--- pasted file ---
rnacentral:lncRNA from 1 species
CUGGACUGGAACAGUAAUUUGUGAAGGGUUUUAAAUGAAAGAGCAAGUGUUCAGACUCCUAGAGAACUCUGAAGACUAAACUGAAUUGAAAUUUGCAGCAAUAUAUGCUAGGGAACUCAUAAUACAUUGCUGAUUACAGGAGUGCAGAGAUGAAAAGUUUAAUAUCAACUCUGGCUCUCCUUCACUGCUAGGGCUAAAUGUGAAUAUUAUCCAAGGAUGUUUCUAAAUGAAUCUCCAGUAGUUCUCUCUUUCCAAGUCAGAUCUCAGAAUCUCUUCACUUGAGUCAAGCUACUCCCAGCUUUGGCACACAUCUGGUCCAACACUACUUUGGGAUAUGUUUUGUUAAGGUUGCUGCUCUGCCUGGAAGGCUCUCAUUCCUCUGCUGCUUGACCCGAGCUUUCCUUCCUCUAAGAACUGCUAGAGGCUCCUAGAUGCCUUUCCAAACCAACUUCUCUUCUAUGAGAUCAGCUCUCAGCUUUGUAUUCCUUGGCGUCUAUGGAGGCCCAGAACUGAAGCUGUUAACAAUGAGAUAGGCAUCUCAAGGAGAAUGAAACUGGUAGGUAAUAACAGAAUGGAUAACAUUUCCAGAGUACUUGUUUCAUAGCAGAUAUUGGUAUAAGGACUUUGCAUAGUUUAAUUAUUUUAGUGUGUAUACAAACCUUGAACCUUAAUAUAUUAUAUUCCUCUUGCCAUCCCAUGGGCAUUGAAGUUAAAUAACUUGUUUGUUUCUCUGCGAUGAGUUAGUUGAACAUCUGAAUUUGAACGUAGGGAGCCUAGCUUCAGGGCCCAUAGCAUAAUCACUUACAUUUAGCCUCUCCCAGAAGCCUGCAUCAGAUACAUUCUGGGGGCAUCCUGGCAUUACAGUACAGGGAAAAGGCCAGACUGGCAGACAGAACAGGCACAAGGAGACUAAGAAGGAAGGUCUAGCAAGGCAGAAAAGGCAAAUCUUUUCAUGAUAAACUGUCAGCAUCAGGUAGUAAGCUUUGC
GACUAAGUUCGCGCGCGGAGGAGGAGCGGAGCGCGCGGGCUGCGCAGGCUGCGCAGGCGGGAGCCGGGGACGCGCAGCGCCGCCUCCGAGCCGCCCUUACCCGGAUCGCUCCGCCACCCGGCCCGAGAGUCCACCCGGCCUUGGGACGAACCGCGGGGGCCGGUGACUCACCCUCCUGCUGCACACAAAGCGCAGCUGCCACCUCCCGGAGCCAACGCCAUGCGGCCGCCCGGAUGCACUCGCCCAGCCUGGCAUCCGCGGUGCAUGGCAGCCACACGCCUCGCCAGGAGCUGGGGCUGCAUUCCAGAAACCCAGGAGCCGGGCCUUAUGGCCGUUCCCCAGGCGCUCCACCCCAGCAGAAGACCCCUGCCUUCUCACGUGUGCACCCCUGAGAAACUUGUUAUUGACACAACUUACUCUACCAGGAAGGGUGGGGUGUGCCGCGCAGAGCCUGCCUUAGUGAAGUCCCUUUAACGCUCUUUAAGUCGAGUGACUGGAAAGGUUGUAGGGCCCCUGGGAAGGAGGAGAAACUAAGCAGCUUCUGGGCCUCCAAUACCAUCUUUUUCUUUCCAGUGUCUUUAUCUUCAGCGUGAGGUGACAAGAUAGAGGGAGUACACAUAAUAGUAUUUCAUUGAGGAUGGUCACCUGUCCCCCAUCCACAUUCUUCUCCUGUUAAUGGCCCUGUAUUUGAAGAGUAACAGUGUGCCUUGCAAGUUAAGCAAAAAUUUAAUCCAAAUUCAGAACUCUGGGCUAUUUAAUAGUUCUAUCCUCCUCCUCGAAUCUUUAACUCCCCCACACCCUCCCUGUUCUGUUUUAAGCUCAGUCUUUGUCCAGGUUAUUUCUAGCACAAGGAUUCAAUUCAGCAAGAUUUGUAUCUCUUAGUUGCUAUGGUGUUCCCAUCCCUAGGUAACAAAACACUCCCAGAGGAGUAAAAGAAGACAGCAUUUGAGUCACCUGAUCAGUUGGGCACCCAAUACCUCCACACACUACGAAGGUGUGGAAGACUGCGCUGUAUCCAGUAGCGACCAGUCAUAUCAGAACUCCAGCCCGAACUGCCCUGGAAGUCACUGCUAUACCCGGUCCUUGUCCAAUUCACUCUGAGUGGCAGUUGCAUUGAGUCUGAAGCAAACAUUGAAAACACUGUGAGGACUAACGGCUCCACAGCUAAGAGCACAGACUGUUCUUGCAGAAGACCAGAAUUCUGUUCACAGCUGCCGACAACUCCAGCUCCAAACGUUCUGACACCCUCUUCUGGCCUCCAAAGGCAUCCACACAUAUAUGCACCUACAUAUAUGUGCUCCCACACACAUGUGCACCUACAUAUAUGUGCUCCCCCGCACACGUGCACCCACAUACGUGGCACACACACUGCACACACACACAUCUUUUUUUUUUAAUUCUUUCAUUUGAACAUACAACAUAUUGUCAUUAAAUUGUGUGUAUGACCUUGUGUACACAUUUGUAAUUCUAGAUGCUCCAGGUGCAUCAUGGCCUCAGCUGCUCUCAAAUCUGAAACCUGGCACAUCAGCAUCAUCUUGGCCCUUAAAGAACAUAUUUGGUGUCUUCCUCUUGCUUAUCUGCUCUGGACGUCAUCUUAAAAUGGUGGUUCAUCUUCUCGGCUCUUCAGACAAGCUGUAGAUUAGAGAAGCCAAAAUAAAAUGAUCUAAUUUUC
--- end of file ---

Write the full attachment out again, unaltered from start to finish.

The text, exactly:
rnacentral:lncRNA from 1 species
CUGGACUGGAACAGUAAUUUGUGAAGGGUUUUAAAUGAAAGAGCAAGUGUUCAGACUCCUAGAGAACUCUGAAGACUAAACUGAAUUGAAAUUUGCAGCAAUAUAUGCUAGGGAACUCAUAAUACAUUGCUGAUUACAGGAGUGCAGAGAUGAAAAGUUUAAUAUCAACUCUGGCUCUCCUUCACUGCUAGGGCUAAAUGUGAAUAUUAUCCAAGGAUGUUUCUAAAUGAAUCUCCAGUAGUUCUCUCUUUCCAAGUCAGAUCUCAGAAUCUCUUCACUUGAGUCAAGCUACUCCCAGCUUUGGCACACAUCUGGUCCAACACUACUUUGGGAUAUGUUUUGUUAAGGUUGCUGCUCUGCCUGGAAGGCUCUCAUUCCUCUGCUGCUUGACCCGAGCUUUCCUUCCUCUAAGAACUGCUAGAGGCUCCUAGAUGCCUUUCCAAACCAACUUCUCUUCUAUGAGAUCAGCUCUCAGCUUUGUAUUCCUUGGCGUCUAUGGAGGCCCAGAACUGAAGCUGUUAACAAUGAGAUAGGCAUCUCAAGGAGAAUGAAACUGGUAGGUAAUAACAGAAUGGAUAACAUUUCCAGAGUACUUGUUUCAUAGCAGAUAUUGGUAUAAGGACUUUGCAUAGUUUAAUUAUUUUAGUGUGUAUACAAACCUUGAACCUUAAUAUAUUAUAUUCCUCUUGCCAUCCCAUGGGCAUUGAAGUUAAAUAACUUGUUUGUUUCUCUGCGAUGAGUUAGUUGAACAUCUGAAUUUGAACGUAGGGAGCCUAGCUUCAGGGCCCAUAGCAUAAUCACUUACAUUUAGCCUCUCCCAGAAGCCUGCAUCAGAUACAUUCUGGGGGCAUCCUGGCAUUACAGUACAGGGAAAAGGCCAGACUGGCAGACAGAACAGGCACAAGGAGACUAAGAAGGAAGGUCUAGCAAGGCAGAAAAGGCAAAUCUUUUCAUGAUAAACUGUCAGCAUCAGGUAGUAAGCUUUGC
GACUAAGUUCGCGCGCGGAGGAGGAGCGGAGCGCGCGGGCUGCGCAGGCUGCGCAGGCGGGAGCCGGGGACGCGCAGCGCCGCCUCCGAGCCGCCCUUACCCGGAUCGCUCCGCCACCCGGCCCGAGAGUCCACCCGGCCUUGGGACGAACCGCGGGGGCCGGUGACUCACCCUCCUGCUGCACACAAAGCGCAGCUGCCACCUCCCGGAGCCAACGCCAUGCGGCCGCCCGGAUGCACUCGCCCAGCCUGGCAUCCGCGGUGCAUGGCAGCCACACGCCUCGCCAGGAGCUGGGGCUGCAUUCCAGAAACCCAGGAGCCGGGCCUUAUGGCCGUUCCCCAGGCGCUCCACCCCAGCAGAAGACCCCUGCCUUCUCACGUGUGCACCCCUGAGAAACUUGUUAUUGACACAACUUACUCUACCAGGAAGGGUGGGGUGUGCCGCGCAGAGCCUGCCUUAGUGAAGUCCCUUUAACGCUCUUUAAGUCGAGUGACUGGAAAGGUUGUAGGGCCCCUGGGAAGGAGGAGAAACUAAGCAGCUUCUGGGCCUCCAAUACCAUCUUUUUCUUUCCAGUGUCUUUAUCUUCAGCGUGAGGUGACAAGAUAGAGGGAGUACACAUAAUAGUAUUUCAUUGAGGAUGGUCACCUGUCCCCCAUCCACAUUCUUCUCCUGUUAAUGGCCCUGUAUUUGAAGAGUAACAGUGUGCCUUGCAAGUUAAGCAAAAAUUUAAUCCAAAUUCAGAACUCUGGGCUAUUUAAUAGUUCUAUCCUCCUCCUCGAAUCUUUAACUCCCCCACACCCUCCCUGUUCUGUUUUAAGCUCAGUCUUUGUCCAGGUUAUUUCUAGCACAAGGAUUCAAUUCAGCAAGAUUUGUAUCUCUUAGUUGCUAUGGUGUUCCCAUCCCUAGGUAACAAAACACUCCCAGAGGAGUAAAAGAAGACAGCAUUUGAGUCACCUGAUCAGUUGGGCACCCAAUACCUCCACACACUACGAAGGUGUGGAAGACUGCGCUGUAUCCAGUAGCGACCAGUCAUAUCAGAACUCCAGCCCGAACUGCCCUGGAAGUCACUGCUAUACCCGGUCCUUGUCCAAUUCACUCUGAGUGGCAGUUGCAUUGAGUCUGAAGCAAACAUUGAAAACACUGUGAGGACUAACGGCUCCACAGCUAAGAGCACAGACUGUUCUUGCAGAAGACCAGAAUUCUGUUCACAGCUGCCGACAACUCCAGCUCCAAACGUUCUGACACCCUCUUCUGGCCUCCAAAGGCAUCCACACAUAUAUGCACCUACAUAUAUGUGCUCCCACACACAUGUGCACCUACAUAUAUGUGCUCCCCCGCACACGUGCACCCACAUACGUGGCACACACACUGCACACACACACAUCUUUUUUUUUUAAUUCUUUCAUUUGAACAUACAACAUAUUGUCAUUAAAUUGUGUGUAUGACCUUGUGUACACAUUUGUAAUUCUAGAUGCUCCAGGUGCAUCAUGGCCUCAGCUGCUCUCAAAUCUGAAACCUGGCACAUCAGCAUCAUCUUGGCCCUUAAAGAACAUAUUUGGUGUCUUCCUCUUGCUUAUCUGCUCUGGACGUCAUCUUAAAAUGGUGGUUCAUCUUCUCGGCUCUUCAGACAAGCUGUAGAUUAGAGAAGCCAAAAUAAAAUGAUCUAAUUUUC